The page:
The Ports are back at work, sort of.

Part 3 of my coverage on the 2014 Port Strike here in the Lower Mainland.  I wish I could say it is over and it is behind us.  It’s not. We are still mired in the muck, and are desperately trying to clear the mud off our boots! The ports are working, sort of.  We have heard very clearly that it is going to take four to six weeks to get the ports working back to normal and there are a variety of reasons for this:  import containers are currently parked in export lanes at the ports (therefore the ports cannot ...

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Consequences of the Port Strike still being felt

With great relief we as an industry and as a company saw the end to the port strike on March 26 with a 14 point (but apparently now a 15 point) plan to rectify the concerns of the trucking industry that serves the Lower Mainland ports.  The strike was almost 30 days long and every day it was becoming more difficult to function and operate in our recycling plants.  Carrying inventory creates chaos on many fronts including, organization, cash flow, safety, throughput etc. In the 5 days since the end of the strike, Urban Impact has managed to ship 11 ...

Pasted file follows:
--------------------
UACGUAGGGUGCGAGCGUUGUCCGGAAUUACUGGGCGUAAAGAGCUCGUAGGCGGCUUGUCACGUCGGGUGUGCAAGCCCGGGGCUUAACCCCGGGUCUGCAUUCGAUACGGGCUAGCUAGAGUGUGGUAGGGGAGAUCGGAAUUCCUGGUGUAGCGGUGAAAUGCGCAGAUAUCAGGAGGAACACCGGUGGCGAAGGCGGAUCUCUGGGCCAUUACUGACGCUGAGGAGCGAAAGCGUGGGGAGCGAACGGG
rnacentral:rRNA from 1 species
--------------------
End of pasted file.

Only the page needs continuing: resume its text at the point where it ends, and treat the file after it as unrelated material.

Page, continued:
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Lower Mainland Port Strike a challenge for industry that exports

Slightly off my usual recycling focus on this blog, I feel like I have to say something about the current port strike in the Lower Mainland. This strike is a catastrophe for business who export. For exporting business such as Urban Impact to loose an important piece of the supply chain is disruptive to day to day operations, detrimental on sales, negatively impacts cashflow, increases the cost of operating, creates stress for staff and at some point limits the way you can can conduct day to day operations. The port strike, which most people understand and know is being fought by the ...

Guelph achieves 67% waste diversion

I was recently reading an article in Solid Waste & Recycling Magazine http://www.solidwastemag.com/news/guelph-tops-res-waste-diversion-ranking-wdo/1002873471/w82vy4Wps10w8xu02qM2vx/?ref=enews_SW&utm_source=SW&utm_medium=email&utm_campaign=SW-EN01282014 and was very pleased to see that several cities in Ontario are achieving excellent diversion results!  Guelph topped the list for 2012.  Guelph has a population of approximately 120,000 residents – a good sized city with typical communication and public engagement challenges around residential waste diversion.  Guelph utilizes a source-separation based system where residents are required to separate their recycling in a blue bin cart, their organics in a green one and their garbage in a grey one – as in the photo featured above (credit to the City ...

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